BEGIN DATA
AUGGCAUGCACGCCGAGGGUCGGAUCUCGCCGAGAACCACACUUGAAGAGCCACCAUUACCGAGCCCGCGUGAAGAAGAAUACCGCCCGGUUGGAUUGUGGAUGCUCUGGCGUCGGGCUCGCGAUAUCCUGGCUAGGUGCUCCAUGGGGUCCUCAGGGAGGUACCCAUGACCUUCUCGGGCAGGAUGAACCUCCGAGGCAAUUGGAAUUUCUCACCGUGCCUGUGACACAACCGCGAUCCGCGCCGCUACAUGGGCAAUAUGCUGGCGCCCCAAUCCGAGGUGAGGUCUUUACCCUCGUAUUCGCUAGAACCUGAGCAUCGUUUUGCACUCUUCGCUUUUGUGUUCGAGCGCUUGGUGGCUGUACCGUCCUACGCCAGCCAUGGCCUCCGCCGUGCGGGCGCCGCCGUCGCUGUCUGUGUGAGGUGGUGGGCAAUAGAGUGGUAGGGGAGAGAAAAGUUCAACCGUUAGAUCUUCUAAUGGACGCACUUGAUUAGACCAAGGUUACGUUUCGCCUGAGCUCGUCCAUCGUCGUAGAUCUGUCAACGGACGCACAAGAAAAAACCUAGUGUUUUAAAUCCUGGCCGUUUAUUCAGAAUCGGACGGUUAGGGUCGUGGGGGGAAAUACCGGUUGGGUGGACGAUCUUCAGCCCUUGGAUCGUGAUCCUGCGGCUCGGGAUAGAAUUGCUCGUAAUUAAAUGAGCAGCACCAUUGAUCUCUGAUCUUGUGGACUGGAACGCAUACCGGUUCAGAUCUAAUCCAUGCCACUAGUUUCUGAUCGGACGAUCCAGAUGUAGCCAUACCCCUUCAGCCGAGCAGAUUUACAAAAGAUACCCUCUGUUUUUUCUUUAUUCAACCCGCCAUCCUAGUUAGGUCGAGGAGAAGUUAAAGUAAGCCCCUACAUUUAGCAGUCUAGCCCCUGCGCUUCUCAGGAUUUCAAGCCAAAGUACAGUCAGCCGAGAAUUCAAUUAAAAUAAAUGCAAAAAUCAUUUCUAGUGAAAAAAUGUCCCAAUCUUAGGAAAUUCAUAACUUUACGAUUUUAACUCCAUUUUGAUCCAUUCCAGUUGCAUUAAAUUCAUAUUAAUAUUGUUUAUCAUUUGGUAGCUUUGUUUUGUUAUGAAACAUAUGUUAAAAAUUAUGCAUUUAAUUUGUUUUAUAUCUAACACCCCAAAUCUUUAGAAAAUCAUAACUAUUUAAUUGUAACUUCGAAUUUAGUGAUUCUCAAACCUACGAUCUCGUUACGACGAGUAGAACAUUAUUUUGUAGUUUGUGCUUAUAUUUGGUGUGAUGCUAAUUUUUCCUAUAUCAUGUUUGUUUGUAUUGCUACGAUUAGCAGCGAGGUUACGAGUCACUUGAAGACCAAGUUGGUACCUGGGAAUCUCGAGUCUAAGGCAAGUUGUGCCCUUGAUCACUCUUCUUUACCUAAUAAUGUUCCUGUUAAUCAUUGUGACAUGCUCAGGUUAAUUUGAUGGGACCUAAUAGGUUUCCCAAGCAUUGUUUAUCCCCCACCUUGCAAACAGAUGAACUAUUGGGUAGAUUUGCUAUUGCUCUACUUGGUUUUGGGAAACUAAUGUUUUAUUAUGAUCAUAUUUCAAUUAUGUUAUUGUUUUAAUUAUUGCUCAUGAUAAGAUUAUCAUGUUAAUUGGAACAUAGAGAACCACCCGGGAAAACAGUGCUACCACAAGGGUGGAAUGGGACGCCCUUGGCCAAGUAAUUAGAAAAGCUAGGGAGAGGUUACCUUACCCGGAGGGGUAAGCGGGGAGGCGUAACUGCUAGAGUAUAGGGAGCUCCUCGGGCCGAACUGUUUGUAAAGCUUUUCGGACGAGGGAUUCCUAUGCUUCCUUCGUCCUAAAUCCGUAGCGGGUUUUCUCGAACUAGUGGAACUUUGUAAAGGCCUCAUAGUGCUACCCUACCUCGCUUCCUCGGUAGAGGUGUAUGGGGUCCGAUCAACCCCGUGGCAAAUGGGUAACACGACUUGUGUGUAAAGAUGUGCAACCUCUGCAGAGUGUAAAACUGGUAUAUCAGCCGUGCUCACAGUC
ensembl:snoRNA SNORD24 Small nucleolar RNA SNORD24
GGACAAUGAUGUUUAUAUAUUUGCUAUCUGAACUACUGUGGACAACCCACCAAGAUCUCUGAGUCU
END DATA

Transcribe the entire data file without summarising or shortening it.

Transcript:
AUGGCAUGCACGCCGAGGGUCGGAUCUCGCCGAGAACCACACUUGAAGAGCCACCAUUACCGAGCCCGCGUGAAGAAGAAUACCGCCCGGUUGGAUUGUGGAUGCUCUGGCGUCGGGCUCGCGAUAUCCUGGCUAGGUGCUCCAUGGGGUCCUCAGGGAGGUACCCAUGACCUUCUCGGGCAGGAUGAACCUCCGAGGCAAUUGGAAUUUCUCACCGUGCCUGUGACACAACCGCGAUCCGCGCCGCUACAUGGGCAAUAUGCUGGCGCCCCAAUCCGAGGUGAGGUCUUUACCCUCGUAUUCGCUAGAACCUGAGCAUCGUUUUGCACUCUUCGCUUUUGUGUUCGAGCGCUUGGUGGCUGUACCGUCCUACGCCAGCCAUGGCCUCCGCCGUGCGGGCGCCGCCGUCGCUGUCUGUGUGAGGUGGUGGGCAAUAGAGUGGUAGGGGAGAGAAAAGUUCAACCGUUAGAUCUUCUAAUGGACGCACUUGAUUAGACCAAGGUUACGUUUCGCCUGAGCUCGUCCAUCGUCGUAGAUCUGUCAACGGACGCACAAGAAAAAACCUAGUGUUUUAAAUCCUGGCCGUUUAUUCAGAAUCGGACGGUUAGGGUCGUGGGGGGAAAUACCGGUUGGGUGGACGAUCUUCAGCCCUUGGAUCGUGAUCCUGCGGCUCGGGAUAGAAUUGCUCGUAAUUAAAUGAGCAGCACCAUUGAUCUCUGAUCUUGUGGACUGGAACGCAUACCGGUUCAGAUCUAAUCCAUGCCACUAGUUUCUGAUCGGACGAUCCAGAUGUAGCCAUACCCCUUCAGCCGAGCAGAUUUACAAAAGAUACCCUCUGUUUUUUCUUUAUUCAACCCGCCAUCCUAGUUAGGUCGAGGAGAAGUUAAAGUAAGCCCCUACAUUUAGCAGUCUAGCCCCUGCGCUUCUCAGGAUUUCAAGCCAAAGUACAGUCAGCCGAGAAUUCAAUUAAAAUAAAUGCAAAAAUCAUUUCUAGUGAAAAAAUGUCCCAAUCUUAGGAAAUUCAUAACUUUACGAUUUUAACUCCAUUUUGAUCCAUUCCAGUUGCAUUAAAUUCAUAUUAAUAUUGUUUAUCAUUUGGUAGCUUUGUUUUGUUAUGAAACAUAUGUUAAAAAUUAUGCAUUUAAUUUGUUUUAUAUCUAACACCCCAAAUCUUUAGAAAAUCAUAACUAUUUAAUUGUAACUUCGAAUUUAGUGAUUCUCAAACCUACGAUCUCGUUACGACGAGUAGAACAUUAUUUUGUAGUUUGUGCUUAUAUUUGGUGUGAUGCUAAUUUUUCCUAUAUCAUGUUUGUUUGUAUUGCUACGAUUAGCAGCGAGGUUACGAGUCACUUGAAGACCAAGUUGGUACCUGGGAAUCUCGAGUCUAAGGCAAGUUGUGCCCUUGAUCACUCUUCUUUACCUAAUAAUGUUCCUGUUAAUCAUUGUGACAUGCUCAGGUUAAUUUGAUGGGACCUAAUAGGUUUCCCAAGCAUUGUUUAUCCCCCACCUUGCAAACAGAUGAACUAUUGGGUAGAUUUGCUAUUGCUCUACUUGGUUUUGGGAAACUAAUGUUUUAUUAUGAUCAUAUUUCAAUUAUGUUAUUGUUUUAAUUAUUGCUCAUGAUAAGAUUAUCAUGUUAAUUGGAACAUAGAGAACCACCCGGGAAAACAGUGCUACCACAAGGGUGGAAUGGGACGCCCUUGGCCAAGUAAUUAGAAAAGCUAGGGAGAGGUUACCUUACCCGGAGGGGUAAGCGGGGAGGCGUAACUGCUAGAGUAUAGGGAGCUCCUCGGGCCGAACUGUUUGUAAAGCUUUUCGGACGAGGGAUUCCUAUGCUUCCUUCGUCCUAAAUCCGUAGCGGGUUUUCUCGAACUAGUGGAACUUUGUAAAGGCCUCAUAGUGCUACCCUACCUCGCUUCCUCGGUAGAGGUGUAUGGGGUCCGAUCAACCCCGUGGCAAAUGGGUAACACGACUUGUGUGUAAAGAUGUGCAACCUCUGCAGAGUGUAAAACUGGUAUAUCAGCCGUGCUCACAGUC
ensembl:snoRNA SNORD24 Small nucleolar RNA SNORD24
GGACAAUGAUGUUUAUAUAUUUGCUAUCUGAACUACUGUGGACAACCCACCAAGAUCUCUGAGUCU